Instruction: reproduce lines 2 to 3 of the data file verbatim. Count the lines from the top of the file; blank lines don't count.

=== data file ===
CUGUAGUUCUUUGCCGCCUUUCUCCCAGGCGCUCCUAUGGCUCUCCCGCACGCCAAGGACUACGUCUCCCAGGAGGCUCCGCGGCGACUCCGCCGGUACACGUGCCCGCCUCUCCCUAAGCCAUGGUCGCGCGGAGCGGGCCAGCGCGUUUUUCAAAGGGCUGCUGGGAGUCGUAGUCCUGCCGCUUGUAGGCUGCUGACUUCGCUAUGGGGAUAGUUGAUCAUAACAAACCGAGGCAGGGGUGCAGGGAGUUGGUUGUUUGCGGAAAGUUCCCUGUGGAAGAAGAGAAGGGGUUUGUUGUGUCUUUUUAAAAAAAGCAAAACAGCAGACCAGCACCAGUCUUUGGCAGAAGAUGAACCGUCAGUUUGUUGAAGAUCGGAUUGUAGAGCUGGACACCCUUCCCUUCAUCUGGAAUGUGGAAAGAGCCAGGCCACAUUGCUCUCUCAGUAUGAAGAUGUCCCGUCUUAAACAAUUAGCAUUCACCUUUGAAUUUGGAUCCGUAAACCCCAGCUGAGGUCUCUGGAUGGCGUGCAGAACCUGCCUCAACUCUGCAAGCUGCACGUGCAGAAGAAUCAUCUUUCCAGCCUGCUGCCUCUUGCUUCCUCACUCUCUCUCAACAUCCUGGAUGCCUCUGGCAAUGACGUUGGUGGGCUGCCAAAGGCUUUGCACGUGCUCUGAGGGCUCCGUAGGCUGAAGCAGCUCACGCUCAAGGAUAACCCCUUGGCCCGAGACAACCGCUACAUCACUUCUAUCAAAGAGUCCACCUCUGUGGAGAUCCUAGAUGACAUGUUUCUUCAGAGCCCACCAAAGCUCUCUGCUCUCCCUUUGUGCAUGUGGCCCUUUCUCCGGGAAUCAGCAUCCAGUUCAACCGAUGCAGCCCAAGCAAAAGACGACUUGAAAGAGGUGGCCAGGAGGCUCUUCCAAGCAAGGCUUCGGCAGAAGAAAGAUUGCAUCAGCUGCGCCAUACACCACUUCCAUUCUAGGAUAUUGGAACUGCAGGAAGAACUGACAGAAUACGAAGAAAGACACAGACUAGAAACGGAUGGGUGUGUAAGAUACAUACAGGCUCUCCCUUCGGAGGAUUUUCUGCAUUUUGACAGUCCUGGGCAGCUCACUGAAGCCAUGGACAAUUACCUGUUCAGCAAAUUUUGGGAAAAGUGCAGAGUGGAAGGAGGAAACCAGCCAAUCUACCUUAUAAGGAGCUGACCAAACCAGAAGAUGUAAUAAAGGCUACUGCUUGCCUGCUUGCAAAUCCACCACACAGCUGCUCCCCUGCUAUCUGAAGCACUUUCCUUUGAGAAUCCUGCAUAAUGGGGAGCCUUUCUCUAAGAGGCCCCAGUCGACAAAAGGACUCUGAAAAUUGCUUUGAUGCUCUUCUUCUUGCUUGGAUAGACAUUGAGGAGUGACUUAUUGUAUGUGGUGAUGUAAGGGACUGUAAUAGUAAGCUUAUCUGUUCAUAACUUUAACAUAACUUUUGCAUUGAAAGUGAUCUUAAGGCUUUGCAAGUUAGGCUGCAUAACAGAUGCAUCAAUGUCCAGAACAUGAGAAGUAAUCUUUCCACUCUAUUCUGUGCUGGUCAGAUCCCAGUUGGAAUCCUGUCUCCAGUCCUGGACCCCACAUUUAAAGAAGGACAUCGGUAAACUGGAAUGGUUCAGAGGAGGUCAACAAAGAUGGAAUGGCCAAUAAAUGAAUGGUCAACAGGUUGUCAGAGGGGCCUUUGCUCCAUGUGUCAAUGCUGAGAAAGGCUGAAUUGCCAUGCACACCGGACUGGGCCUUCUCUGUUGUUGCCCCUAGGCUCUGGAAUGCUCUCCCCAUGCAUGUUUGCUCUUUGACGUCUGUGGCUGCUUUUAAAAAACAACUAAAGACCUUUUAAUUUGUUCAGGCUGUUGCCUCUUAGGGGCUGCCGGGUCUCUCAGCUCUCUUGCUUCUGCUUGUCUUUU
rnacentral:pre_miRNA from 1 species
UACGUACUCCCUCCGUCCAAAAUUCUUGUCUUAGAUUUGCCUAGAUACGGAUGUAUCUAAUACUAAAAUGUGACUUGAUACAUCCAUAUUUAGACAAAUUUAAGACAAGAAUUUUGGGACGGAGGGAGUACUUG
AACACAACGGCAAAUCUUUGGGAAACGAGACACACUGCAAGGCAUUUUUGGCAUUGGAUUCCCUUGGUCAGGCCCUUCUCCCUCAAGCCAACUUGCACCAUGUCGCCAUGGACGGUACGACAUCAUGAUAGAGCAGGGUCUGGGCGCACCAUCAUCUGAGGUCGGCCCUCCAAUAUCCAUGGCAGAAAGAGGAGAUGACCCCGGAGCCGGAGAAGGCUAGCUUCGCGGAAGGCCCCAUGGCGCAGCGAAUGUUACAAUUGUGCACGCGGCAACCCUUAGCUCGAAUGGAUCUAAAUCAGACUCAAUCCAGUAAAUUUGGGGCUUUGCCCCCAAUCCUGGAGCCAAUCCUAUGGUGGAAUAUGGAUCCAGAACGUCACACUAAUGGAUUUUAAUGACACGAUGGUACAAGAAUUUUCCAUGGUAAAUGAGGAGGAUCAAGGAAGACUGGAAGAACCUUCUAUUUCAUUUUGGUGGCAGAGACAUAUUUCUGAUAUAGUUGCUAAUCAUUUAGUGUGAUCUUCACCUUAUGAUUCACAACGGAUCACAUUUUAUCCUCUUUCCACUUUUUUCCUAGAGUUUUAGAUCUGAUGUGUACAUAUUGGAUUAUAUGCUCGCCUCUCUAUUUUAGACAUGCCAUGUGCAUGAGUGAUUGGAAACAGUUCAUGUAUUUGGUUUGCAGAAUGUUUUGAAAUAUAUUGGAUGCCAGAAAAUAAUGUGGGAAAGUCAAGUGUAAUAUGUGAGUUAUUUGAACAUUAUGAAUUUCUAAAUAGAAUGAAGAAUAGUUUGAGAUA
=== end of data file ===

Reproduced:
rnacentral:pre_miRNA from 1 species
UACGUACUCCCUCCGUCCAAAAUUCUUGUCUUAGAUUUGCCUAGAUACGGAUGUAUCUAAUACUAAAAUGUGACUUGAUACAUCCAUAUUUAGACAAAUUUAAGACAAGAAUUUUGGGACGGAGGGAGUACUUG